and this is the most general typing for which this expression makes sense. Any values
of `a`

, `t`

, and `x`

can be used here as long as `A`

,
`B`

, `C`

, and ` D`

have the given types.

Both polymorphic type inference and pattern matching in OCaml are instances of a
very general mechanism called ```
Some
x
```

), whereas type inference is done by applying unification to type
expressions (e.g. `'a -> 'b -> 'a`

). It is interesting that
both these procedures turn out to be applications of the same general
mechanism. There are many other applications of unification in computer
science; e.g., the programming language Prolog is based on it.

The essential task of unification is to find a substitution `S`

that `s S`

for the result of
applying the substitution `S`

to the term `s`

. Thus, given
`s`

and `t`

, we want to
find `S`

such that `s S = t S`

. Such a substitution `S`

is called a `s`

and `t`

. For example, given the two terms

f x (g y) f (g z) w

where `x`

, `y`

, `z`

, and `w`

are variables,
the substitution

S = [x <- g z, w <- g y]

would be a unifier, since

f x (g y) [x <- g z, w <- g y] = f (g z) w [x <- g z, w <- g y] = f (g z) (g y).

Note that this is a purely syntactic definition; the meaning of expressions is not taken into consideration when computing unifiers.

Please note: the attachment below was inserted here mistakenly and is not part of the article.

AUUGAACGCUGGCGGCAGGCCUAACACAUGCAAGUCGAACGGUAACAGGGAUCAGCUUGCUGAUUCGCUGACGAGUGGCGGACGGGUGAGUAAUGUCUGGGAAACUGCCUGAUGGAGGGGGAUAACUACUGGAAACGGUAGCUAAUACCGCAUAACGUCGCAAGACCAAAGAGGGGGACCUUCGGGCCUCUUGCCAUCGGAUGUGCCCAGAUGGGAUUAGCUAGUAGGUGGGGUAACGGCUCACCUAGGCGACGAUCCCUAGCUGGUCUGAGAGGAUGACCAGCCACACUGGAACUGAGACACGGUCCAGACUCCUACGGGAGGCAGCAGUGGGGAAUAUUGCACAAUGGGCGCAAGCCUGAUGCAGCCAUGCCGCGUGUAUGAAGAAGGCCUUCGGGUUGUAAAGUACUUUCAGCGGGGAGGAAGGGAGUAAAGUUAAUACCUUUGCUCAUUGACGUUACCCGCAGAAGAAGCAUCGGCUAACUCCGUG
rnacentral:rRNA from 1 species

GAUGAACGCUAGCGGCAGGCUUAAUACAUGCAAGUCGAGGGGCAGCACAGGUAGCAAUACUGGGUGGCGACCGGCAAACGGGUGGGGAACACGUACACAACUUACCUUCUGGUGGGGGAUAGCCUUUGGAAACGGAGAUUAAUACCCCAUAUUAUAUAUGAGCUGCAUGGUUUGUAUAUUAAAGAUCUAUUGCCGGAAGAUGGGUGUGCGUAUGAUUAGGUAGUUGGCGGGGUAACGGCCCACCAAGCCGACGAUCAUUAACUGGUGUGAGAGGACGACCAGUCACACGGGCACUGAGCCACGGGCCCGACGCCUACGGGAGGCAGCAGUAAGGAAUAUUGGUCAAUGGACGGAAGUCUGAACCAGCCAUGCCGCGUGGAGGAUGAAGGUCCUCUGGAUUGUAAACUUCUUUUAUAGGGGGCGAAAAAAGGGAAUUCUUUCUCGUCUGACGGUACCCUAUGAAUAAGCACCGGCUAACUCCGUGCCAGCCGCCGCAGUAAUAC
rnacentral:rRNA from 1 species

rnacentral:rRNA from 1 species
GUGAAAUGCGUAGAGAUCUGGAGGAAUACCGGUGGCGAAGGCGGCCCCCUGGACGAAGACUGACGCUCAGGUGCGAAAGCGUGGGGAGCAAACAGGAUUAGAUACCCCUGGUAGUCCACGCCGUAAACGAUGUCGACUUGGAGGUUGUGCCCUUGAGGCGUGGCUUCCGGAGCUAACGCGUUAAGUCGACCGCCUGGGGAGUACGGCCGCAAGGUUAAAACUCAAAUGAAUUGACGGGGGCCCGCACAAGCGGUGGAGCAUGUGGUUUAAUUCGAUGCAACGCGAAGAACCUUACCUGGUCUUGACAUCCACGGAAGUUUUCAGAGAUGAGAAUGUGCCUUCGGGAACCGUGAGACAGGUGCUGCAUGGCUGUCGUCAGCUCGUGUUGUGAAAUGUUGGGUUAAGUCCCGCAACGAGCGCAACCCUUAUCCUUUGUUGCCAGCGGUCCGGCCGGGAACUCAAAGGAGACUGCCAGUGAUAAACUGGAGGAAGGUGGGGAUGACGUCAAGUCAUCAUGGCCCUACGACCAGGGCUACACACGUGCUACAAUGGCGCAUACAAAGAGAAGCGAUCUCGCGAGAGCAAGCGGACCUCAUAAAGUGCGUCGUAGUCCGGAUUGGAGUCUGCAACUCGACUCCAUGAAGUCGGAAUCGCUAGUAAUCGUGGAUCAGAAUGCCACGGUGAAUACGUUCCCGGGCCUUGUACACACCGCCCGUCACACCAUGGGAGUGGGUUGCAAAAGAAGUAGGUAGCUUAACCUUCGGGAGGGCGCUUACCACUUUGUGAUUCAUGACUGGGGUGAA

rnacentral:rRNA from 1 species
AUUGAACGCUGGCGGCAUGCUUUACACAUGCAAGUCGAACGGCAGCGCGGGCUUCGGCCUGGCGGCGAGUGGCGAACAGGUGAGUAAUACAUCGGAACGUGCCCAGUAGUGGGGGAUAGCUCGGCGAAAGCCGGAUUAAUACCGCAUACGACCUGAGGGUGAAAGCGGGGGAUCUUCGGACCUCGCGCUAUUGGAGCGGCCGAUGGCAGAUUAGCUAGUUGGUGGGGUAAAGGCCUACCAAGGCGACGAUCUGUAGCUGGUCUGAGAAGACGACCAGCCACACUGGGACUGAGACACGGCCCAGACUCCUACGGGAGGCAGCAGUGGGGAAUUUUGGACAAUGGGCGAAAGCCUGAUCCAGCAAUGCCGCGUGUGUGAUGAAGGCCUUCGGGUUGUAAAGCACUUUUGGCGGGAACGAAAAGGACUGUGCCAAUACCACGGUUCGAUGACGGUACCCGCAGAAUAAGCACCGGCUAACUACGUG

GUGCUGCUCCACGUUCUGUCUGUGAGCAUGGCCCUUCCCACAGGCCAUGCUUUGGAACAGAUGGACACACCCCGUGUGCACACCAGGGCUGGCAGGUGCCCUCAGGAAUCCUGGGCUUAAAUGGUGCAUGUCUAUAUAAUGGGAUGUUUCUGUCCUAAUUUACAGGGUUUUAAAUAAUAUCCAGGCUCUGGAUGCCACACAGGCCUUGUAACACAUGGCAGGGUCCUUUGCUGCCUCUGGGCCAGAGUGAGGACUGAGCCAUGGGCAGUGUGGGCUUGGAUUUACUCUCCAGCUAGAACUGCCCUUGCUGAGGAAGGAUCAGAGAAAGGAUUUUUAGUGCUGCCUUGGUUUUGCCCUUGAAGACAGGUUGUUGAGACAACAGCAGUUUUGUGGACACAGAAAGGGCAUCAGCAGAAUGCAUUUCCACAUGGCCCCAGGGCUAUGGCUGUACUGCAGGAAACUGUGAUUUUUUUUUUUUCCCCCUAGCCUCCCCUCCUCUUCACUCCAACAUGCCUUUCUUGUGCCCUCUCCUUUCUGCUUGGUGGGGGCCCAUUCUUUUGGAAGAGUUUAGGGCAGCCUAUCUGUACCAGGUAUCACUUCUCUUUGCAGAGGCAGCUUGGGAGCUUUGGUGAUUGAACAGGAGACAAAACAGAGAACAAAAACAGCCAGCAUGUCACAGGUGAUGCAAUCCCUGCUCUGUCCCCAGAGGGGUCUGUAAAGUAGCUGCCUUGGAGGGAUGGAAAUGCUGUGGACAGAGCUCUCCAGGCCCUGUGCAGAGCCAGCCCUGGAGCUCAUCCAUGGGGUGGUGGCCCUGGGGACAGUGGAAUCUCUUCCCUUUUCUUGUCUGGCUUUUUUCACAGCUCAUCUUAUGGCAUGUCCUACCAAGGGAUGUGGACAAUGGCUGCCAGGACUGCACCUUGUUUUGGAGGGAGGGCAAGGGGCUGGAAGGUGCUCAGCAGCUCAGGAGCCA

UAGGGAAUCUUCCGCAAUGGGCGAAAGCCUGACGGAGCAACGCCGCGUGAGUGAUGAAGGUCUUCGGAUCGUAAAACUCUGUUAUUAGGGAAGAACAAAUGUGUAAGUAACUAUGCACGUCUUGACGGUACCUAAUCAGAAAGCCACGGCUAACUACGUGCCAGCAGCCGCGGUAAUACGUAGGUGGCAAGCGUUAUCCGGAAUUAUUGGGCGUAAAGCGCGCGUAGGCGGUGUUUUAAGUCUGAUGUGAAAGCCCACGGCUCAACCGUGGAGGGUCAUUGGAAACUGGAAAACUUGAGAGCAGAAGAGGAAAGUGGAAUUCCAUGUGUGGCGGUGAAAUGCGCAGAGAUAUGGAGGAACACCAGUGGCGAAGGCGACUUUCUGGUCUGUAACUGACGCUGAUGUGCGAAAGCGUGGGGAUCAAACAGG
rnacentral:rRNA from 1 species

Unifiers do not necessarily exist. For example, the terms `x`

and `f x`

cannot be unified, since no substitution for x can make the
two terms equal. Even when unifiers exist, they are not necessarily
unique. For example, the substitution

T = [x <- g (f a b), y <- f b a, z <- f a b, w <- g (f b a)]

is also a unifier for the two terms above:

f x (g y) T = f (g z) w) T = f (g (f a b)) (g (f b a)).

However, when a unifier exists, there is a `S`

for `s`

and
`t`

is an `s`

and `t`

if

`S`

is a unifier for`s`

and`t`

; and- any other unifier
`T`

for`s`

and`t`

is arefinement of`S`

; that is,`T`

can be obtained from`S`

by doing further substitutions.

For example, the substitution `S`

in the example above is an mgu for
`f x (g y)`

and `f (g z) w`

. The unifier `T`

is a refinement of
`S`

, since `T = SU`

,
where

U = [z <- f a b, y <- f b a].

Note that

f x (g y) S U = f x (g y) [x <- g z, w <- g y] [z <- f a b, y <- f b a] = f (g z) (g y) [z <- f a b, y <- f b a] = f (g (f a b)) (g (f b a)) = f x (g y) T.

We need unification for not just for pairs of terms, but more generally, for sets
of pairs of terms. We say that a substitution `S`

is a unifier for
`[(s`

if _{1},t_{1}),...,(s_{n},t_{n})]`s`

for all _{i} S = t_{i} S`1 <= i <= n`

.
The unification algorithm consists of two mutually recursive procedures `unify`

and `unify_one`

, which try to unify a list of pairs and a single pair,
respectively. The result of the computation is the most general unifier
for the list of pairs or the pair, respectively.

Turn on Javascript to see the program.

Now we show how type inference in OCaml can be done with unification on type expressions. Keep the matrix example above in mind; we will be doing roughly the same thing, but with different typing rules.

For simplicity, let's take a very small subset of OCaml consisting of

variables x, y, ... expressions e ::= x | fun x -> e | (e_{1}e_{2})

This subset has a name: the *type expressions:*

type variables 'a, 'b, ... type expressions s ::= 'a | s -> t